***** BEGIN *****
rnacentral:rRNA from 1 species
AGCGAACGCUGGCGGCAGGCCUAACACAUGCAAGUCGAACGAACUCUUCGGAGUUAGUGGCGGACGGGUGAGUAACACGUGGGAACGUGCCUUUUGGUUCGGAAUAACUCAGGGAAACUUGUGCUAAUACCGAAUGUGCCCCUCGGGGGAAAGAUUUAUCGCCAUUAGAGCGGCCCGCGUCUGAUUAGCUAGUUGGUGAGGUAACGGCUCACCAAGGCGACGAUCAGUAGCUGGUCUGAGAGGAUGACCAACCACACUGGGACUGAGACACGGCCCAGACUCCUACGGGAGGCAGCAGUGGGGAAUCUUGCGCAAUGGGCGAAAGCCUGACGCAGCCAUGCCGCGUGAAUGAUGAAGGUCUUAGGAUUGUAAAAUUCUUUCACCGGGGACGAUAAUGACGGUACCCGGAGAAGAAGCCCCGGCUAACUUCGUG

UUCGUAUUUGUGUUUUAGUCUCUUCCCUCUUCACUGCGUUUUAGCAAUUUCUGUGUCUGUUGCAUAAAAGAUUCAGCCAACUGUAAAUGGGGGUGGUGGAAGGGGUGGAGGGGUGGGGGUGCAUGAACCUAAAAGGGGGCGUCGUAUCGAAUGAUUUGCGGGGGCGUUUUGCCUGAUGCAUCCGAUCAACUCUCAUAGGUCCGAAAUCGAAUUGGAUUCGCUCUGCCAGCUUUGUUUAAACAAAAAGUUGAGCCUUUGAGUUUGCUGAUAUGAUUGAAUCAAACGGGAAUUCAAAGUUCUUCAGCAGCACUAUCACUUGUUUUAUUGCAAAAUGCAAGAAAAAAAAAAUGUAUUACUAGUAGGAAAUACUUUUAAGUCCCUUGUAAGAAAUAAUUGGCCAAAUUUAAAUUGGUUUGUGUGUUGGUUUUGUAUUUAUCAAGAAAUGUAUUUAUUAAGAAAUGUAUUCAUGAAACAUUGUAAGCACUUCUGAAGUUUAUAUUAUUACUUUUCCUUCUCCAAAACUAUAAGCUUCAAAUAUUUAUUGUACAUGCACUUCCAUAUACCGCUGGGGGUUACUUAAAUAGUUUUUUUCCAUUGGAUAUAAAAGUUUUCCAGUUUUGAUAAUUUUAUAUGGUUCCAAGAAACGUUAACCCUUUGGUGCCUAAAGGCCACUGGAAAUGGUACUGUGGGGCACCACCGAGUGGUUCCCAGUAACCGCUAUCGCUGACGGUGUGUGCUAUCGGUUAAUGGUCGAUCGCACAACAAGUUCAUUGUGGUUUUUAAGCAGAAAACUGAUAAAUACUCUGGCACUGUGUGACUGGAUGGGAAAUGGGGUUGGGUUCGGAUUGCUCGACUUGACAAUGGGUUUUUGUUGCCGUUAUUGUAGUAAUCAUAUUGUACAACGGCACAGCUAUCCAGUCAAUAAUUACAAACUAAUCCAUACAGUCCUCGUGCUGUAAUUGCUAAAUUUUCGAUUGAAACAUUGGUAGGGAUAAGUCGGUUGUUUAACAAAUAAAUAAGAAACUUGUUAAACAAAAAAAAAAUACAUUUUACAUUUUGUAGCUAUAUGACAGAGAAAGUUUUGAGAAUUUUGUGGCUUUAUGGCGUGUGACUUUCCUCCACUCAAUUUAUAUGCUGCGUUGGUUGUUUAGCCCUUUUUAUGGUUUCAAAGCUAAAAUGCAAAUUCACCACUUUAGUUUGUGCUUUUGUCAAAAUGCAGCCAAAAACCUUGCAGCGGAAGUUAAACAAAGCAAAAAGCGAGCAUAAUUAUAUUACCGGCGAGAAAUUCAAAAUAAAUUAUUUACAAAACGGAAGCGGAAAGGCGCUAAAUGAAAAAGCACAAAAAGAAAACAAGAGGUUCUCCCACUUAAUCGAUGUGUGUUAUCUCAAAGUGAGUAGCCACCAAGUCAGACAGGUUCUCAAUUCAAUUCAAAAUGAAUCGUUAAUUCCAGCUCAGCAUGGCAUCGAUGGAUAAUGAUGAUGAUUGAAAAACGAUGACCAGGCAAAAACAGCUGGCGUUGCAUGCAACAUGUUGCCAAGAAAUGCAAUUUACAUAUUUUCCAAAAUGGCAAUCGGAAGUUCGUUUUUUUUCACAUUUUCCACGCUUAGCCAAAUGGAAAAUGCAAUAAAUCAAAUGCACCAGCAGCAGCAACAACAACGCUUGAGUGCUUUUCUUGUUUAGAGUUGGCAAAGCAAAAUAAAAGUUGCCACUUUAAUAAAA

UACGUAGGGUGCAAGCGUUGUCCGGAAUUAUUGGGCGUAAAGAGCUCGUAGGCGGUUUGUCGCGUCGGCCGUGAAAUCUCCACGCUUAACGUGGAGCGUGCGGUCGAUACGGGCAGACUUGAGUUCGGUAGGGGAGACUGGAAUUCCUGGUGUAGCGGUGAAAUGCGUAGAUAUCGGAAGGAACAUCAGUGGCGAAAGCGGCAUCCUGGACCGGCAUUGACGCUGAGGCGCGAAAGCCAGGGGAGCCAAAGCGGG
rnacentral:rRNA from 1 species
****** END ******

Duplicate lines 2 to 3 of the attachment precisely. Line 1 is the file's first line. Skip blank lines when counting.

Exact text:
AGCGAACGCUGGCGGCAGGCCUAACACAUGCAAGUCGAACGAACUCUUCGGAGUUAGUGGCGGACGGGUGAGUAACACGUGGGAACGUGCCUUUUGGUUCGGAAUAACUCAGGGAAACUUGUGCUAAUACCGAAUGUGCCCCUCGGGGGAAAGAUUUAUCGCCAUUAGAGCGGCCCGCGUCUGAUUAGCUAGUUGGUGAGGUAACGGCUCACCAAGGCGACGAUCAGUAGCUGGUCUGAGAGGAUGACCAACCACACUGGGACUGAGACACGGCCCAGACUCCUACGGGAGGCAGCAGUGGGGAAUCUUGCGCAAUGGGCGAAAGCCUGACGCAGCCAUGCCGCGUGAAUGAUGAAGGUCUUAGGAUUGUAAAAUUCUUUCACCGGGGACGAUAAUGACGGUACCCGGAGAAGAAGCCCCGGCUAACUUCGUG

UUCGUAUUUGUGUUUUAGUCUCUUCCCUCUUCACUGCGUUUUAGCAAUUUCUGUGUCUGUUGCAUAAAAGAUUCAGCCAACUGUAAAUGGGGGUGGUGGAAGGGGUGGAGGGGUGGGGGUGCAUGAACCUAAAAGGGGGCGUCGUAUCGAAUGAUUUGCGGGGGCGUUUUGCCUGAUGCAUCCGAUCAACUCUCAUAGGUCCGAAAUCGAAUUGGAUUCGCUCUGCCAGCUUUGUUUAAACAAAAAGUUGAGCCUUUGAGUUUGCUGAUAUGAUUGAAUCAAACGGGAAUUCAAAGUUCUUCAGCAGCACUAUCACUUGUUUUAUUGCAAAAUGCAAGAAAAAAAAAAUGUAUUACUAGUAGGAAAUACUUUUAAGUCCCUUGUAAGAAAUAAUUGGCCAAAUUUAAAUUGGUUUGUGUGUUGGUUUUGUAUUUAUCAAGAAAUGUAUUUAUUAAGAAAUGUAUUCAUGAAACAUUGUAAGCACUUCUGAAGUUUAUAUUAUUACUUUUCCUUCUCCAAAACUAUAAGCUUCAAAUAUUUAUUGUACAUGCACUUCCAUAUACCGCUGGGGGUUACUUAAAUAGUUUUUUUCCAUUGGAUAUAAAAGUUUUCCAGUUUUGAUAAUUUUAUAUGGUUCCAAGAAACGUUAACCCUUUGGUGCCUAAAGGCCACUGGAAAUGGUACUGUGGGGCACCACCGAGUGGUUCCCAGUAACCGCUAUCGCUGACGGUGUGUGCUAUCGGUUAAUGGUCGAUCGCACAACAAGUUCAUUGUGGUUUUUAAGCAGAAAACUGAUAAAUACUCUGGCACUGUGUGACUGGAUGGGAAAUGGGGUUGGGUUCGGAUUGCUCGACUUGACAAUGGGUUUUUGUUGCCGUUAUUGUAGUAAUCAUAUUGUACAACGGCACAGCUAUCCAGUCAAUAAUUACAAACUAAUCCAUACAGUCCUCGUGCUGUAAUUGCUAAAUUUUCGAUUGAAACAUUGGUAGGGAUAAGUCGGUUGUUUAACAAAUAAAUAAGAAACUUGUUAAACAAAAAAAAAAUACAUUUUACAUUUUGUAGCUAUAUGACAGAGAAAGUUUUGAGAAUUUUGUGGCUUUAUGGCGUGUGACUUUCCUCCACUCAAUUUAUAUGCUGCGUUGGUUGUUUAGCCCUUUUUAUGGUUUCAAAGCUAAAAUGCAAAUUCACCACUUUAGUUUGUGCUUUUGUCAAAAUGCAGCCAAAAACCUUGCAGCGGAAGUUAAACAAAGCAAAAAGCGAGCAUAAUUAUAUUACCGGCGAGAAAUUCAAAAUAAAUUAUUUACAAAACGGAAGCGGAAAGGCGCUAAAUGAAAAAGCACAAAAAGAAAACAAGAGGUUCUCCCACUUAAUCGAUGUGUGUUAUCUCAAAGUGAGUAGCCACCAAGUCAGACAGGUUCUCAAUUCAAUUCAAAAUGAAUCGUUAAUUCCAGCUCAGCAUGGCAUCGAUGGAUAAUGAUGAUGAUUGAAAAACGAUGACCAGGCAAAAACAGCUGGCGUUGCAUGCAACAUGUUGCCAAGAAAUGCAAUUUACAUAUUUUCCAAAAUGGCAAUCGGAAGUUCGUUUUUUUUCACAUUUUCCACGCUUAGCCAAAUGGAAAAUGCAAUAAAUCAAAUGCACCAGCAGCAGCAACAACAACGCUUGAGUGCUUUUCUUGUUUAGAGUUGGCAAAGCAAAAUAAAAGUUGCCACUUUAAUAAAA